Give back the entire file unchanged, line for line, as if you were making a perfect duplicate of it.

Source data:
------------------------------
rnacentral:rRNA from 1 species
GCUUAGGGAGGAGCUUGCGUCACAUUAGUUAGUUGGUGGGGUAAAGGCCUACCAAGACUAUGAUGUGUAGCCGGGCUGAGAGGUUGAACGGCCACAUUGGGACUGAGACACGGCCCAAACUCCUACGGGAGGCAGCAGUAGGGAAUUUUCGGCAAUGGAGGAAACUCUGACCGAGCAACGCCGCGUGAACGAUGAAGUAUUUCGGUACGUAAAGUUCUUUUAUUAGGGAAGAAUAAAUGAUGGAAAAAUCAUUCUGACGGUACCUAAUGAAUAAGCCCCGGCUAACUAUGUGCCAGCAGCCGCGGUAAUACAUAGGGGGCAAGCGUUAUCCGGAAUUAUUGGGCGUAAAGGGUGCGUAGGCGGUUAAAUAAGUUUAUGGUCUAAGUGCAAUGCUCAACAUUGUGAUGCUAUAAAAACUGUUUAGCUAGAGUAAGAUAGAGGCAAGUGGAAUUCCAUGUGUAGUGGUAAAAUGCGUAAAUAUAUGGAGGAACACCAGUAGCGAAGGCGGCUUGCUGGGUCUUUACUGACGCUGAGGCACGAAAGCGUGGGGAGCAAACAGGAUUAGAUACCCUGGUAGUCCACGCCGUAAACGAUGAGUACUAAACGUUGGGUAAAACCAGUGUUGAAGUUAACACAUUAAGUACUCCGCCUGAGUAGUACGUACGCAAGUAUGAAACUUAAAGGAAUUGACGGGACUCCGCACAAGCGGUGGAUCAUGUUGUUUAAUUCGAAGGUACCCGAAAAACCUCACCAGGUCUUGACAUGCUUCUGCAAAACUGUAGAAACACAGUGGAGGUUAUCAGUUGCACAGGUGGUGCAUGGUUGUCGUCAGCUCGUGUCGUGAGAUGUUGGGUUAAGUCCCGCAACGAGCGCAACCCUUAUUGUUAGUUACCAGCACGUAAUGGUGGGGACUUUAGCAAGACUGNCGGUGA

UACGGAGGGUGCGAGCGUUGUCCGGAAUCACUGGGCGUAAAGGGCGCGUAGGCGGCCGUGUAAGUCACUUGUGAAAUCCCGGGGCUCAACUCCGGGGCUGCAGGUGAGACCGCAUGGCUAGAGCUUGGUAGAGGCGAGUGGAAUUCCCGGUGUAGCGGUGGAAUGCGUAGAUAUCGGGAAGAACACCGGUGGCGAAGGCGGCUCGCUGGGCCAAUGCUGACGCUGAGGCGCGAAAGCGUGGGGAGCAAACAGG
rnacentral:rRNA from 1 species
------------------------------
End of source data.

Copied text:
rnacentral:rRNA from 1 species
GCUUAGGGAGGAGCUUGCGUCACAUUAGUUAGUUGGUGGGGUAAAGGCCUACCAAGACUAUGAUGUGUAGCCGGGCUGAGAGGUUGAACGGCCACAUUGGGACUGAGACACGGCCCAAACUCCUACGGGAGGCAGCAGUAGGGAAUUUUCGGCAAUGGAGGAAACUCUGACCGAGCAACGCCGCGUGAACGAUGAAGUAUUUCGGUACGUAAAGUUCUUUUAUUAGGGAAGAAUAAAUGAUGGAAAAAUCAUUCUGACGGUACCUAAUGAAUAAGCCCCGGCUAACUAUGUGCCAGCAGCCGCGGUAAUACAUAGGGGGCAAGCGUUAUCCGGAAUUAUUGGGCGUAAAGGGUGCGUAGGCGGUUAAAUAAGUUUAUGGUCUAAGUGCAAUGCUCAACAUUGUGAUGCUAUAAAAACUGUUUAGCUAGAGUAAGAUAGAGGCAAGUGGAAUUCCAUGUGUAGUGGUAAAAUGCGUAAAUAUAUGGAGGAACACCAGUAGCGAAGGCGGCUUGCUGGGUCUUUACUGACGCUGAGGCACGAAAGCGUGGGGAGCAAACAGGAUUAGAUACCCUGGUAGUCCACGCCGUAAACGAUGAGUACUAAACGUUGGGUAAAACCAGUGUUGAAGUUAACACAUUAAGUACUCCGCCUGAGUAGUACGUACGCAAGUAUGAAACUUAAAGGAAUUGACGGGACUCCGCACAAGCGGUGGAUCAUGUUGUUUAAUUCGAAGGUACCCGAAAAACCUCACCAGGUCUUGACAUGCUUCUGCAAAACUGUAGAAACACAGUGGAGGUUAUCAGUUGCACAGGUGGUGCAUGGUUGUCGUCAGCUCGUGUCGUGAGAUGUUGGGUUAAGUCCCGCAACGAGCGCAACCCUUAUUGUUAGUUACCAGCACGUAAUGGUGGGGACUUUAGCAAGACUGNCGGUGA

UACGGAGGGUGCGAGCGUUGUCCGGAAUCACUGGGCGUAAAGGGCGCGUAGGCGGCCGUGUAAGUCACUUGUGAAAUCCCGGGGCUCAACUCCGGGGCUGCAGGUGAGACCGCAUGGCUAGAGCUUGGUAGAGGCGAGUGGAAUUCCCGGUGUAGCGGUGGAAUGCGUAGAUAUCGGGAAGAACACCGGUGGCGAAGGCGGCUCGCUGGGCCAAUGCUGACGCUGAGGCGCGAAAGCGUGGGGAGCAAACAGG
rnacentral:rRNA from 1 species